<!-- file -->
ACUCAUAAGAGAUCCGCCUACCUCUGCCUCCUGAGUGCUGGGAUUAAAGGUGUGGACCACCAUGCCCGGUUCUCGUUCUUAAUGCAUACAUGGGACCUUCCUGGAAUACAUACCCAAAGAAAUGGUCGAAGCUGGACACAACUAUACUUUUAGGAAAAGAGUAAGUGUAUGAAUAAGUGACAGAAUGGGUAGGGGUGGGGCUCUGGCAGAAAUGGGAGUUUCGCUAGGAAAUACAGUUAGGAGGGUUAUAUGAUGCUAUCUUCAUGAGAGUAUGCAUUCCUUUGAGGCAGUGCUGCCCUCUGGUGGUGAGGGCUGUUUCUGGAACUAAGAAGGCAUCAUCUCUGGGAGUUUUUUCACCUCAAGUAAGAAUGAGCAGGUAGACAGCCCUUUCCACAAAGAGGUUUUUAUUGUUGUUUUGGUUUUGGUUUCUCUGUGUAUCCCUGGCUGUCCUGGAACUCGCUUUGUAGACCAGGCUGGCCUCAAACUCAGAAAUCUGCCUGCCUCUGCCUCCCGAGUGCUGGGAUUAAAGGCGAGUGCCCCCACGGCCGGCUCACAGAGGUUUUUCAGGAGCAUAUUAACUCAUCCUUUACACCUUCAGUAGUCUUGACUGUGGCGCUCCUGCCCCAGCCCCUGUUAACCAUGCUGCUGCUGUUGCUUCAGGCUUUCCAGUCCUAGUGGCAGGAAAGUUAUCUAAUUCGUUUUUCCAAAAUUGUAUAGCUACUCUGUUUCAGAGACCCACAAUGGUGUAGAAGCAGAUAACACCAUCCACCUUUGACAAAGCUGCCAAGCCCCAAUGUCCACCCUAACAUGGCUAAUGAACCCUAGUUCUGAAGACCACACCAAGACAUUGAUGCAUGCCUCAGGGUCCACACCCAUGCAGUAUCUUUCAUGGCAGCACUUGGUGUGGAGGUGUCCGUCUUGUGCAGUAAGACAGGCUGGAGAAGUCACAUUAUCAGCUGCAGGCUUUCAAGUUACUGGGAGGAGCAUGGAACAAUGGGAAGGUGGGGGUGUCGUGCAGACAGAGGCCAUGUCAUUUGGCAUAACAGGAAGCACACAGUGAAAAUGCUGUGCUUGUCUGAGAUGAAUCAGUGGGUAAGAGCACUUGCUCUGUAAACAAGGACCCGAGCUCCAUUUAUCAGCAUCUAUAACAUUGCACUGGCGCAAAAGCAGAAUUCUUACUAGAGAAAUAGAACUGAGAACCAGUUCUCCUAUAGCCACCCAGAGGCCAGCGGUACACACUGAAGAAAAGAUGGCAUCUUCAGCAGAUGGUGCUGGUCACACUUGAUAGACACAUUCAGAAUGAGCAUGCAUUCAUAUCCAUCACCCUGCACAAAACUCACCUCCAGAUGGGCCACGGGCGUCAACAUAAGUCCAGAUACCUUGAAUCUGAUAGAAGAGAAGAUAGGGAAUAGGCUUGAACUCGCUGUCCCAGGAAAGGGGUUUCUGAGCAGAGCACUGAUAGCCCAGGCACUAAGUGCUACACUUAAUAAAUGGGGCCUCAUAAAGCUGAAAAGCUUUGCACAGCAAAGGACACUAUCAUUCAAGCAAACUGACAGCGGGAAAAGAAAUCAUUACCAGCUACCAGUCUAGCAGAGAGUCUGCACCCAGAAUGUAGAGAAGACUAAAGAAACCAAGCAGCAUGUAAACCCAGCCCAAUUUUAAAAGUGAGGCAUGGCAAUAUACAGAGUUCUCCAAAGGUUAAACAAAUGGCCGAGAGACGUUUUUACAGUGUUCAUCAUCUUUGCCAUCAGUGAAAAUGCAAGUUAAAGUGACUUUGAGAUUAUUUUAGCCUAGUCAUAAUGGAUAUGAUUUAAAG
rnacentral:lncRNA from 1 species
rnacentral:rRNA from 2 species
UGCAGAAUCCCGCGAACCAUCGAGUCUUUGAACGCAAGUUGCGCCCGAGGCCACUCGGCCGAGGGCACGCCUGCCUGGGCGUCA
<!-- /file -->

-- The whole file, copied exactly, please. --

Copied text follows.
ACUCAUAAGAGAUCCGCCUACCUCUGCCUCCUGAGUGCUGGGAUUAAAGGUGUGGACCACCAUGCCCGGUUCUCGUUCUUAAUGCAUACAUGGGACCUUCCUGGAAUACAUACCCAAAGAAAUGGUCGAAGCUGGACACAACUAUACUUUUAGGAAAAGAGUAAGUGUAUGAAUAAGUGACAGAAUGGGUAGGGGUGGGGCUCUGGCAGAAAUGGGAGUUUCGCUAGGAAAUACAGUUAGGAGGGUUAUAUGAUGCUAUCUUCAUGAGAGUAUGCAUUCCUUUGAGGCAGUGCUGCCCUCUGGUGGUGAGGGCUGUUUCUGGAACUAAGAAGGCAUCAUCUCUGGGAGUUUUUUCACCUCAAGUAAGAAUGAGCAGGUAGACAGCCCUUUCCACAAAGAGGUUUUUAUUGUUGUUUUGGUUUUGGUUUCUCUGUGUAUCCCUGGCUGUCCUGGAACUCGCUUUGUAGACCAGGCUGGCCUCAAACUCAGAAAUCUGCCUGCCUCUGCCUCCCGAGUGCUGGGAUUAAAGGCGAGUGCCCCCACGGCCGGCUCACAGAGGUUUUUCAGGAGCAUAUUAACUCAUCCUUUACACCUUCAGUAGUCUUGACUGUGGCGCUCCUGCCCCAGCCCCUGUUAACCAUGCUGCUGCUGUUGCUUCAGGCUUUCCAGUCCUAGUGGCAGGAAAGUUAUCUAAUUCGUUUUUCCAAAAUUGUAUAGCUACUCUGUUUCAGAGACCCACAAUGGUGUAGAAGCAGAUAACACCAUCCACCUUUGACAAAGCUGCCAAGCCCCAAUGUCCACCCUAACAUGGCUAAUGAACCCUAGUUCUGAAGACCACACCAAGACAUUGAUGCAUGCCUCAGGGUCCACACCCAUGCAGUAUCUUUCAUGGCAGCACUUGGUGUGGAGGUGUCCGUCUUGUGCAGUAAGACAGGCUGGAGAAGUCACAUUAUCAGCUGCAGGCUUUCAAGUUACUGGGAGGAGCAUGGAACAAUGGGAAGGUGGGGGUGUCGUGCAGACAGAGGCCAUGUCAUUUGGCAUAACAGGAAGCACACAGUGAAAAUGCUGUGCUUGUCUGAGAUGAAUCAGUGGGUAAGAGCACUUGCUCUGUAAACAAGGACCCGAGCUCCAUUUAUCAGCAUCUAUAACAUUGCACUGGCGCAAAAGCAGAAUUCUUACUAGAGAAAUAGAACUGAGAACCAGUUCUCCUAUAGCCACCCAGAGGCCAGCGGUACACACUGAAGAAAAGAUGGCAUCUUCAGCAGAUGGUGCUGGUCACACUUGAUAGACACAUUCAGAAUGAGCAUGCAUUCAUAUCCAUCACCCUGCACAAAACUCACCUCCAGAUGGGCCACGGGCGUCAACAUAAGUCCAGAUACCUUGAAUCUGAUAGAAGAGAAGAUAGGGAAUAGGCUUGAACUCGCUGUCCCAGGAAAGGGGUUUCUGAGCAGAGCACUGAUAGCCCAGGCACUAAGUGCUACACUUAAUAAAUGGGGCCUCAUAAAGCUGAAAAGCUUUGCACAGCAAAGGACACUAUCAUUCAAGCAAACUGACAGCGGGAAAAGAAAUCAUUACCAGCUACCAGUCUAGCAGAGAGUCUGCACCCAGAAUGUAGAGAAGACUAAAGAAACCAAGCAGCAUGUAAACCCAGCCCAAUUUUAAAAGUGAGGCAUGGCAAUAUACAGAGUUCUCCAAAGGUUAAACAAAUGGCCGAGAGACGUUUUUACAGUGUUCAUCAUCUUUGCCAUCAGUGAAAAUGCAAGUUAAAGUGACUUUGAGAUUAUUUUAGCCUAGUCAUAAUGGAUAUGAUUUAAAG
rnacentral:lncRNA from 1 species
rnacentral:rRNA from 2 species
UGCAGAAUCCCGCGAACCAUCGAGUCUUUGAACGCAAGUUGCGCCCGAGGCCACUCGGCCGAGGGCACGCCUGCCUGGGCGUCA